Posted on 26 February 2011.
Background: A strict Constitutional interpretation means doing only exactly what the Constitution specifically authorizes and absolutely nothing else regardless of what’s going on now, whereas a loose constitutional interpretation permits one to “interpret” the meaning of a provision in the context of new or developing facts and circumstances. Most Conservative Republicans and just about all Tea-Party members argue for a strict interpretation of the U.S. Constitution contending that the best government is the least government especially as regards economic freedom and property rights, but not in foreign affairs where a big powerful military is necessary or in moral matters like abortion, embryonic stem cell research, or gay marriage which must be prohibited. In contrast, many Liberal Democrats suggest that the federal government should oversee and regulate the many and varied aspects of modern day life to ensure socio-economic rights, personal freedoms, and liberties or else the people will suffer, especially at the hands of big business or groups that seek to impose their own moral beliefs on everybody. Liberals also generally oppose an American world-wide military presence.
- Americans can look after themselves especially if there is never any gun control–they do not need a federal Big Brother who “taxes and spends” in order to snoop around the States and double-check everything, except that we must secure our borders against illegal immigrants and Islamic terrorists. Furthermore, government programs simply encourage people to become lazy and dependent instead of strong and self-reliant.
- We must neither tax our wealthiest citizens or corporations in order to permit their financial successes in a free market system to “trickle down” to the rest of the people at the bottom of the economic hierarchy, nor regulate big business which would then lose money in attempting to comply with expensive and burdensome health and safety regulations.
- There is no climate crisis, and anyway America has plenty of oil, gas, and coal resources which private industry should be perfectly free to exploit unhindered by any conservation or carbon-emission regulations.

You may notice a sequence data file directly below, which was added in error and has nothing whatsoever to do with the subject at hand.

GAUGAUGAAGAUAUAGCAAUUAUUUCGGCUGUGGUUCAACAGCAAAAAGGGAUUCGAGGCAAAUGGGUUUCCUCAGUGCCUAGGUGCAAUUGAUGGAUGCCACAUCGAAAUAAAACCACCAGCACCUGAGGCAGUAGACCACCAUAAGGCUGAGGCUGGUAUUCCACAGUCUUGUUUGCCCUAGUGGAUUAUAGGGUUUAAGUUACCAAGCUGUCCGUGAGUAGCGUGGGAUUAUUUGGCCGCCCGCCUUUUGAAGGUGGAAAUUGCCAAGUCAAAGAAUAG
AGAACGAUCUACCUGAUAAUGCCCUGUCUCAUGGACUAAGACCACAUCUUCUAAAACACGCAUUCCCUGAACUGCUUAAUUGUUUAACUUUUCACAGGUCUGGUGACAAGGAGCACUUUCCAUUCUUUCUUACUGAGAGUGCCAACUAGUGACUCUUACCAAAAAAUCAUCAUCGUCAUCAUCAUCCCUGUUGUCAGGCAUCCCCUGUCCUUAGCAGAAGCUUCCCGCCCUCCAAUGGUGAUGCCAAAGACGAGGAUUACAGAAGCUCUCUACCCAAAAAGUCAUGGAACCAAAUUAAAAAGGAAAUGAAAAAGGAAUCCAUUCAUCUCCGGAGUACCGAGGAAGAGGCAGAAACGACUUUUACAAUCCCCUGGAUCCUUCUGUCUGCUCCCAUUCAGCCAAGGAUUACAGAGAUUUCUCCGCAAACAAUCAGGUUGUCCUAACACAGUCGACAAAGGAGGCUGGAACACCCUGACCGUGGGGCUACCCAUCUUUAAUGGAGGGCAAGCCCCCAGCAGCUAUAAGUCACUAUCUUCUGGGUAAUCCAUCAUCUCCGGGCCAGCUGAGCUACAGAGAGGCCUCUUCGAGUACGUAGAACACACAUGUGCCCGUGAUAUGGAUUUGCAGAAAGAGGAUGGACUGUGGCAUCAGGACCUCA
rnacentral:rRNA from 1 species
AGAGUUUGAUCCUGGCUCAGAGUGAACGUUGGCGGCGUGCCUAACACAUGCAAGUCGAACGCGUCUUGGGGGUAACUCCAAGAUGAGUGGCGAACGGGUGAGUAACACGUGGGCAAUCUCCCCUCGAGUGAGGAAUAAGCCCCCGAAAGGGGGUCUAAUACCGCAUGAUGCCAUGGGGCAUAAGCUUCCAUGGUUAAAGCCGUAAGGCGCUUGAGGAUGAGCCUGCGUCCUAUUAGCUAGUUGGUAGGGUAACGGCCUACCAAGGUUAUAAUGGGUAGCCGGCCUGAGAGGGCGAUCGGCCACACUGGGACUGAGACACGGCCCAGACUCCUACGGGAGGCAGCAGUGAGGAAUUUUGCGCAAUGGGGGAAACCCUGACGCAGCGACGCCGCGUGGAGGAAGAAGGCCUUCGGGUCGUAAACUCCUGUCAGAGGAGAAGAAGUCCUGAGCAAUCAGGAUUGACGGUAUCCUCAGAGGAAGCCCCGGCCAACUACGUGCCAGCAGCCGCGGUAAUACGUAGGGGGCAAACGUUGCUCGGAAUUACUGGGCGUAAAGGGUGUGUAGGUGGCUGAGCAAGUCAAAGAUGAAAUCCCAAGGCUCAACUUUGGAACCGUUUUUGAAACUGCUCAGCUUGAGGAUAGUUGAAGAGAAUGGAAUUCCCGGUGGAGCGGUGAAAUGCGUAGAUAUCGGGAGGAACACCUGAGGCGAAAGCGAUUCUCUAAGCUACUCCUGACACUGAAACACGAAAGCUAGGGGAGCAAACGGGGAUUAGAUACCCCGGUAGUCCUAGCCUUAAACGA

- We must look to the greater welfare of the country–like with health care–to best ensure equal opportunity, and individual rights and personal freedoms for everybody instead of just safeguarding elites like big business or the military-industrial complex. A level playing field in which there is equal opportunity is very important.
- We need to tax everybody fairly in order to best secure through regulatory expenditures the blessings of liberty and equality for all of our citizens and thereby avoid inequity and injustice.
- The Founding Fathers drafted a Constitution which was appropriate for thirteen Sovereign States when the entire Eastern Seaboard was covered in a forest and the main perceived threats to the new country were wild animals and Native Americans–times have changed, and a fresh interpretation of the Constitution for a World Superpower with international hegemony on a technologically advanced planet is now mandated. Furthermore, the whole point of government is to help the people, not step back from helping, because government exists for the people.
~KS FEB ’11
Posted in Domestic Affairs, Philosophical